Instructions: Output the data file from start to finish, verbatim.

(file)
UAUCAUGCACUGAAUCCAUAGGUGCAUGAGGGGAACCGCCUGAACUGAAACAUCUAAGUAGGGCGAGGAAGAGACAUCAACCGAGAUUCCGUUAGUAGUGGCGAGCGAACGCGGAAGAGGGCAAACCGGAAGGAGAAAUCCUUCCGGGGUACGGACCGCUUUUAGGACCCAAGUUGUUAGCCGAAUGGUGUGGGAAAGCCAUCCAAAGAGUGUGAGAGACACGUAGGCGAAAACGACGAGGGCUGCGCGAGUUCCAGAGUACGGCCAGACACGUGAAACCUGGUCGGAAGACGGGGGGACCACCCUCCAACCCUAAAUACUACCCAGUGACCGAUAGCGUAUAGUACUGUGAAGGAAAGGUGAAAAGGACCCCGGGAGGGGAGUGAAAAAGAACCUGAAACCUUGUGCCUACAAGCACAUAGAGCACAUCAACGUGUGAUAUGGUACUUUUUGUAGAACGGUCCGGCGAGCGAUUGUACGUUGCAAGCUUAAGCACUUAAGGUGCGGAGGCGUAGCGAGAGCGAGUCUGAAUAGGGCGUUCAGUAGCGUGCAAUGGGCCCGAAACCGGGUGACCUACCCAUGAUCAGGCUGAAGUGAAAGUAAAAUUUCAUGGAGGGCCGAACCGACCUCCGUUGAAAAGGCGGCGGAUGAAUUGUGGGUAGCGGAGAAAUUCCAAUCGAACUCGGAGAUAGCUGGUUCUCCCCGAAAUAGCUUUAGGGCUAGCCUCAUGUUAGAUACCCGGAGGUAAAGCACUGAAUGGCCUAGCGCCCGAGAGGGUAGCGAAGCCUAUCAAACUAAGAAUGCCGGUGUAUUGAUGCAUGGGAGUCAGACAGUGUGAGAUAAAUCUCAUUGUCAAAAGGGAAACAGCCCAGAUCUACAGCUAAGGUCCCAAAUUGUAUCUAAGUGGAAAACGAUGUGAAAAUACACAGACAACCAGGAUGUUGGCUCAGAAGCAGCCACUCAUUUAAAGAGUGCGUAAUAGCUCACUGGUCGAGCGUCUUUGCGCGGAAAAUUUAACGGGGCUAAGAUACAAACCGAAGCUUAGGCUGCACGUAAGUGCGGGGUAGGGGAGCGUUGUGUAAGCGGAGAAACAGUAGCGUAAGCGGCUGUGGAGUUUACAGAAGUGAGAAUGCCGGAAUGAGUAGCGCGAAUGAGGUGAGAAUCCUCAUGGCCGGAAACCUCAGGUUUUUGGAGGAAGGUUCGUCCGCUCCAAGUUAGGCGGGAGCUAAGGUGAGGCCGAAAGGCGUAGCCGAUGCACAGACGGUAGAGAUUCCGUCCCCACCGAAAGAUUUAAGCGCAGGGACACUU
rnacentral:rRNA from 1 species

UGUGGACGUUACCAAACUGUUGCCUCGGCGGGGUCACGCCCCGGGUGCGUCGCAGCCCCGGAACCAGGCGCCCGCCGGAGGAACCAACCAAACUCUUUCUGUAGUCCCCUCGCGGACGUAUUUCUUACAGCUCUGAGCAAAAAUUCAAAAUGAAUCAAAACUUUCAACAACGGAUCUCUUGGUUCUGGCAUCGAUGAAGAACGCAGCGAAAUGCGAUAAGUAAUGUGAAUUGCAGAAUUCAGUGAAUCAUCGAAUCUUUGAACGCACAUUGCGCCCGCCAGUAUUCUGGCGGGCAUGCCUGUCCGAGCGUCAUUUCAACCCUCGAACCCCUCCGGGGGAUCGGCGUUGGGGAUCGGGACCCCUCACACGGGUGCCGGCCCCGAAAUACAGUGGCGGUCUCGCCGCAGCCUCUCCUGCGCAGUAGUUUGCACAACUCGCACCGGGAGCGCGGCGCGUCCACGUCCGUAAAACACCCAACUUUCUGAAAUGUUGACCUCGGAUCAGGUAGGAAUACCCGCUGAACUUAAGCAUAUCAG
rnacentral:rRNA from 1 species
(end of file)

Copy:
UAUCAUGCACUGAAUCCAUAGGUGCAUGAGGGGAACCGCCUGAACUGAAACAUCUAAGUAGGGCGAGGAAGAGACAUCAACCGAGAUUCCGUUAGUAGUGGCGAGCGAACGCGGAAGAGGGCAAACCGGAAGGAGAAAUCCUUCCGGGGUACGGACCGCUUUUAGGACCCAAGUUGUUAGCCGAAUGGUGUGGGAAAGCCAUCCAAAGAGUGUGAGAGACACGUAGGCGAAAACGACGAGGGCUGCGCGAGUUCCAGAGUACGGCCAGACACGUGAAACCUGGUCGGAAGACGGGGGGACCACCCUCCAACCCUAAAUACUACCCAGUGACCGAUAGCGUAUAGUACUGUGAAGGAAAGGUGAAAAGGACCCCGGGAGGGGAGUGAAAAAGAACCUGAAACCUUGUGCCUACAAGCACAUAGAGCACAUCAACGUGUGAUAUGGUACUUUUUGUAGAACGGUCCGGCGAGCGAUUGUACGUUGCAAGCUUAAGCACUUAAGGUGCGGAGGCGUAGCGAGAGCGAGUCUGAAUAGGGCGUUCAGUAGCGUGCAAUGGGCCCGAAACCGGGUGACCUACCCAUGAUCAGGCUGAAGUGAAAGUAAAAUUUCAUGGAGGGCCGAACCGACCUCCGUUGAAAAGGCGGCGGAUGAAUUGUGGGUAGCGGAGAAAUUCCAAUCGAACUCGGAGAUAGCUGGUUCUCCCCGAAAUAGCUUUAGGGCUAGCCUCAUGUUAGAUACCCGGAGGUAAAGCACUGAAUGGCCUAGCGCCCGAGAGGGUAGCGAAGCCUAUCAAACUAAGAAUGCCGGUGUAUUGAUGCAUGGGAGUCAGACAGUGUGAGAUAAAUCUCAUUGUCAAAAGGGAAACAGCCCAGAUCUACAGCUAAGGUCCCAAAUUGUAUCUAAGUGGAAAACGAUGUGAAAAUACACAGACAACCAGGAUGUUGGCUCAGAAGCAGCCACUCAUUUAAAGAGUGCGUAAUAGCUCACUGGUCGAGCGUCUUUGCGCGGAAAAUUUAACGGGGCUAAGAUACAAACCGAAGCUUAGGCUGCACGUAAGUGCGGGGUAGGGGAGCGUUGUGUAAGCGGAGAAACAGUAGCGUAAGCGGCUGUGGAGUUUACAGAAGUGAGAAUGCCGGAAUGAGUAGCGCGAAUGAGGUGAGAAUCCUCAUGGCCGGAAACCUCAGGUUUUUGGAGGAAGGUUCGUCCGCUCCAAGUUAGGCGGGAGCUAAGGUGAGGCCGAAAGGCGUAGCCGAUGCACAGACGGUAGAGAUUCCGUCCCCACCGAAAGAUUUAAGCGCAGGGACACUU
rnacentral:rRNA from 1 species

UGUGGACGUUACCAAACUGUUGCCUCGGCGGGGUCACGCCCCGGGUGCGUCGCAGCCCCGGAACCAGGCGCCCGCCGGAGGAACCAACCAAACUCUUUCUGUAGUCCCCUCGCGGACGUAUUUCUUACAGCUCUGAGCAAAAAUUCAAAAUGAAUCAAAACUUUCAACAACGGAUCUCUUGGUUCUGGCAUCGAUGAAGAACGCAGCGAAAUGCGAUAAGUAAUGUGAAUUGCAGAAUUCAGUGAAUCAUCGAAUCUUUGAACGCACAUUGCGCCCGCCAGUAUUCUGGCGGGCAUGCCUGUCCGAGCGUCAUUUCAACCCUCGAACCCCUCCGGGGGAUCGGCGUUGGGGAUCGGGACCCCUCACACGGGUGCCGGCCCCGAAAUACAGUGGCGGUCUCGCCGCAGCCUCUCCUGCGCAGUAGUUUGCACAACUCGCACCGGGAGCGCGGCGCGUCCACGUCCGUAAAACACCCAACUUUCUGAAAUGUUGACCUCGGAUCAGGUAGGAAUACCCGCUGAACUUAAGCAUAUCAG
rnacentral:rRNA from 1 species